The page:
Have you thought about taking part in recycling? yesno 29%71% Do you take part in recycling now? yesno 27%73%
If yes, how do you do it? Garbage seperating Bottles collectingMetal collecting 5%90%5% Do you want to change something In the regarding of the recycling system in your country? yesno 10%90%
Waste paper Used packing material, papers, books, magazines and advertising brochures can be used for producing new paper. This relieves the waste disposal and saves energy and raw materials. The German paper industry wins more than a half of the demand for raw materials from waste paper. So Germany takes a leading position in Europe. People who use writing and copy paper, but also toilet paper or waste paper, save the environment. The federal office for environment and nature protection in Germany says that the piles of rubbish are getting smaller (minus about 10 million tons every year) and it saves up to 70 per cent of fresh water and 65 per cent of thermal energy because of recycling paper.
the environment profits effectively Waste separation and recycling are important components of an effective economic path. The Dual System in Germany verified in an annual balance that packaging recycling not only protects the resources but also contributes to saving energy and release of climate. Because of that, a total of 64,1 billion megajoules of primary energy were saved. Furthermore the output of 1,32 million tons of climate-damaging greenhouse gases could be avoided, this equals the emissions of about 25 billion navigated railroad kilometers. So each citizen could go about 300 kilometers by train.
Comenius Germany rules and regulations Kyoto Protocol
The industrialisation process has caused the global average temperature to rise by 0.6 degrees Celsius since the start of the 20th century. Mankind therefore has a problem: Nitrous oxide, carbon dioxide and methane – known collectively as greenhouse gases – are warming the planet and wreaking havoc on the climate. In 1992, 154 nations attended a climate convention that, for the first time, addressed the problem and searched for solutions. In 1997, after tedious negotiations, the countries signed a protocol in the Japanese city of Kyoto that required all industrialised nations to lower their greenhouse emissions by 5.2% by 2012. Threshold countries were required to stabilise their emissions at a level equal to that of 1990, while developing countries were not given any regulations at all.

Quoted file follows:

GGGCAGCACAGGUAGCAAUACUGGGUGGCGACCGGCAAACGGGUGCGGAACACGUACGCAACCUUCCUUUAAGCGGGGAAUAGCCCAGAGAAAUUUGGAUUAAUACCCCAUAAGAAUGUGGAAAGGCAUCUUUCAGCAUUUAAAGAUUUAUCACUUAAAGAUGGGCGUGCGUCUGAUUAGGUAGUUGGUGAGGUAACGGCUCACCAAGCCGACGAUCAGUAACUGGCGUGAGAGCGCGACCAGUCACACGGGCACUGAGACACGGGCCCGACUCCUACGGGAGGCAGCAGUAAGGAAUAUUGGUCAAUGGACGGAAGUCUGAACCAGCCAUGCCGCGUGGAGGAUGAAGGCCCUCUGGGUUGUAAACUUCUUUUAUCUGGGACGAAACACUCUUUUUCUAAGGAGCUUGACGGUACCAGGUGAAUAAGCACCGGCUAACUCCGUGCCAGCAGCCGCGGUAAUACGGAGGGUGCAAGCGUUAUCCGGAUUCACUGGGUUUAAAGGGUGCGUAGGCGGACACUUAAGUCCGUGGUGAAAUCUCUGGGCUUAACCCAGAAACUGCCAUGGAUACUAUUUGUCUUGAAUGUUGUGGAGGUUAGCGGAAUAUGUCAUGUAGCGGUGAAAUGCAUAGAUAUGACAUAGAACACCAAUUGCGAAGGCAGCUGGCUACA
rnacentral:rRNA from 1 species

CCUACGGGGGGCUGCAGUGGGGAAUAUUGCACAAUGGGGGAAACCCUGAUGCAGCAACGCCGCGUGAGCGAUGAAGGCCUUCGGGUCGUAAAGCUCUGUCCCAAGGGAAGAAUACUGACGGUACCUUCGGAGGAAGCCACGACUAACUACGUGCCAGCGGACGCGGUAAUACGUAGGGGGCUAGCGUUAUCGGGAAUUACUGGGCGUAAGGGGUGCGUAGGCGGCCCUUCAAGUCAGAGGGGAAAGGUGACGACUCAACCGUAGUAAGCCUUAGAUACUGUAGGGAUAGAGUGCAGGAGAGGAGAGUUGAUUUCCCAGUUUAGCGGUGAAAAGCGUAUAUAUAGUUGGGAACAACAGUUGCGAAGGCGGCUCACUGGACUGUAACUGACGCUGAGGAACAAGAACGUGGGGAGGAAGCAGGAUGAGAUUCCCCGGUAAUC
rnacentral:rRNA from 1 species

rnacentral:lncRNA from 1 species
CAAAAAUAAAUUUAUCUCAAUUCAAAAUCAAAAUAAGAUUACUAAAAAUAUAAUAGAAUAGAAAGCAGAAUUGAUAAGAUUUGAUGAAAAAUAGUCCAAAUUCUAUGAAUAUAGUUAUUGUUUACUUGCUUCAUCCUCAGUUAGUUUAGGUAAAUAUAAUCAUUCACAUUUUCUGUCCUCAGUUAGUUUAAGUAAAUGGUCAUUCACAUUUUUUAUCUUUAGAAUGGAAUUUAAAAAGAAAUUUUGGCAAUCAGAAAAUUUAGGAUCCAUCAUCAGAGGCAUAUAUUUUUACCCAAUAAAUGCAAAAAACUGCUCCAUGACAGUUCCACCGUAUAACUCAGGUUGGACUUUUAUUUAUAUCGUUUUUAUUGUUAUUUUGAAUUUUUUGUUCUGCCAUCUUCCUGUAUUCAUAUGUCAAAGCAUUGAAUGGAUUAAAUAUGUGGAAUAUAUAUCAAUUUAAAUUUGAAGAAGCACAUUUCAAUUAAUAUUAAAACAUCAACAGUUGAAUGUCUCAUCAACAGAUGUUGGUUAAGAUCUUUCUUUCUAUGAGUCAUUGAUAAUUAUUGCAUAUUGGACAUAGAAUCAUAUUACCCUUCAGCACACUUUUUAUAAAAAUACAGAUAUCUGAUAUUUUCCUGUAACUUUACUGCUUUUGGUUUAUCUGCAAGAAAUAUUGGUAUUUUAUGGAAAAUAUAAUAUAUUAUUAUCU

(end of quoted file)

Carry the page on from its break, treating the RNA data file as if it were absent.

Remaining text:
Global Regulations Germanys national allocation plan Of all the countries in the European Union, only 5 were able to lay out their allocation plans by March 2004: Denmark, Germany, Finland, Ireland and Austria. 2400 companies from the energy, steel, paper and ceramics industries are receiving free emission rights encompassing 503 Mt per year, from 2005 to 2007. From 2008 until 2012, the total emissions will be reduced by an average of 495 Mt per year. Former environment minister Jürgen Trittin, originally desired an emission reduction down to 480 Mt per year, but was unable to convince economic minister Wolfgang Clement.
The situation in Brandenburg Despite conservation efforts, a rise in energy consumption of around 33% by 2020 is expected. The main reasons are industrial growth and transportation. This creates a necessity for change in energy, emission, and climate politics. At the forefront of the goals provided by the Council for Sustainable Development, the following areas should be focused on especially: Building renovation and modernization. Transportation, mobility and urban development. Development and use of renewable energy sources.